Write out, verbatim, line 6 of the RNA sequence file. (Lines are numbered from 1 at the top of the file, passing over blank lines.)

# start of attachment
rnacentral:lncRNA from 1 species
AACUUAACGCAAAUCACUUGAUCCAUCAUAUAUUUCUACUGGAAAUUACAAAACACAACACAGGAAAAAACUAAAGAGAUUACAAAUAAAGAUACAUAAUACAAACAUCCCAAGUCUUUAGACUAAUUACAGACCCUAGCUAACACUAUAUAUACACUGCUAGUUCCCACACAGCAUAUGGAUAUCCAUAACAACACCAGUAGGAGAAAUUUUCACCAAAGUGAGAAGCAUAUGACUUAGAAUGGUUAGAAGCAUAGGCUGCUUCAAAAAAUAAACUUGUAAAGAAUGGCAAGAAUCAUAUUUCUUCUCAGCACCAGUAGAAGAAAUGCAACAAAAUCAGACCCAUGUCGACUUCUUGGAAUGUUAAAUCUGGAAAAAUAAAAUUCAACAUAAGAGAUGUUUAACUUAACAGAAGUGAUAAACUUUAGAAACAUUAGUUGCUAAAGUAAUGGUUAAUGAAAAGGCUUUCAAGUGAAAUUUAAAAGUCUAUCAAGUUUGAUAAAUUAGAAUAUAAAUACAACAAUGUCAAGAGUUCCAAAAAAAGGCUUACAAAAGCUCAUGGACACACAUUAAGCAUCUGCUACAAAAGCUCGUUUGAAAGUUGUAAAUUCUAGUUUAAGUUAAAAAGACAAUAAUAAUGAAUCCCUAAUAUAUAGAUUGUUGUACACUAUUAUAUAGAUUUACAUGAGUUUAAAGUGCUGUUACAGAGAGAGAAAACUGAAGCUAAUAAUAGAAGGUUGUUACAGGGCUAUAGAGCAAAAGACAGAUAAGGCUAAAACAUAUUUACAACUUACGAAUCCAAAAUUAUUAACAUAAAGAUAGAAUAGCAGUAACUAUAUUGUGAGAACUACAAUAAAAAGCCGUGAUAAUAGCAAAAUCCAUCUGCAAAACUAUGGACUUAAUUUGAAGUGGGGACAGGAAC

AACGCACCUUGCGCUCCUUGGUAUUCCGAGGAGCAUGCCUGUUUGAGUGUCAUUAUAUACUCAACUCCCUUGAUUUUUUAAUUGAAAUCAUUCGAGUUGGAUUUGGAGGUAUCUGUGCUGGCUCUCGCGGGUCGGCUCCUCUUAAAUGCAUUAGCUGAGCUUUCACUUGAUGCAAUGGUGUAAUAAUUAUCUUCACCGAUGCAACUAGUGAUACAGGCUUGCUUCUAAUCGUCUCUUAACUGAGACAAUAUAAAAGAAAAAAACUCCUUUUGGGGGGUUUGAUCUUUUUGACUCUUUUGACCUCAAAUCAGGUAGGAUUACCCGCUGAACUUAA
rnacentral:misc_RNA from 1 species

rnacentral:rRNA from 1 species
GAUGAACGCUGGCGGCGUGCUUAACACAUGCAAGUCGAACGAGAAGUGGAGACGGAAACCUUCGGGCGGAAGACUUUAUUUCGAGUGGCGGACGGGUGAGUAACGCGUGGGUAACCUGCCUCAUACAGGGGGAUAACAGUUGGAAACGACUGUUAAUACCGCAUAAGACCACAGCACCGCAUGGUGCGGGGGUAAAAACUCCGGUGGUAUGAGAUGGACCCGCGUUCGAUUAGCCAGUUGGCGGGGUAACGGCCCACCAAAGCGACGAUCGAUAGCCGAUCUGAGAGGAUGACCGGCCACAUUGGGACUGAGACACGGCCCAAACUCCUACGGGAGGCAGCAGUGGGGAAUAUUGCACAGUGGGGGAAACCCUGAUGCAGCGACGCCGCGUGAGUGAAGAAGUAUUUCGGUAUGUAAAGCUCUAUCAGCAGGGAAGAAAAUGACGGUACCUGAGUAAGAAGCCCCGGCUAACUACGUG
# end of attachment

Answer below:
GAUGAACGCUGGCGGCGUGCUUAACACAUGCAAGUCGAACGAGAAGUGGAGACGGAAACCUUCGGGCGGAAGACUUUAUUUCGAGUGGCGGACGGGUGAGUAACGCGUGGGUAACCUGCCUCAUACAGGGGGAUAACAGUUGGAAACGACUGUUAAUACCGCAUAAGACCACAGCACCGCAUGGUGCGGGGGUAAAAACUCCGGUGGUAUGAGAUGGACCCGCGUUCGAUUAGCCAGUUGGCGGGGUAACGGCCCACCAAAGCGACGAUCGAUAGCCGAUCUGAGAGGAUGACCGGCCACAUUGGGACUGAGACACGGCCCAAACUCCUACGGGAGGCAGCAGUGGGGAAUAUUGCACAGUGGGGGAAACCCUGAUGCAGCGACGCCGCGUGAGUGAAGAAGUAUUUCGGUAUGUAAAGCUCUAUCAGCAGGGAAGAAAAUGACGGUACCUGAGUAAGAAGCCCCGGCUAACUACGUG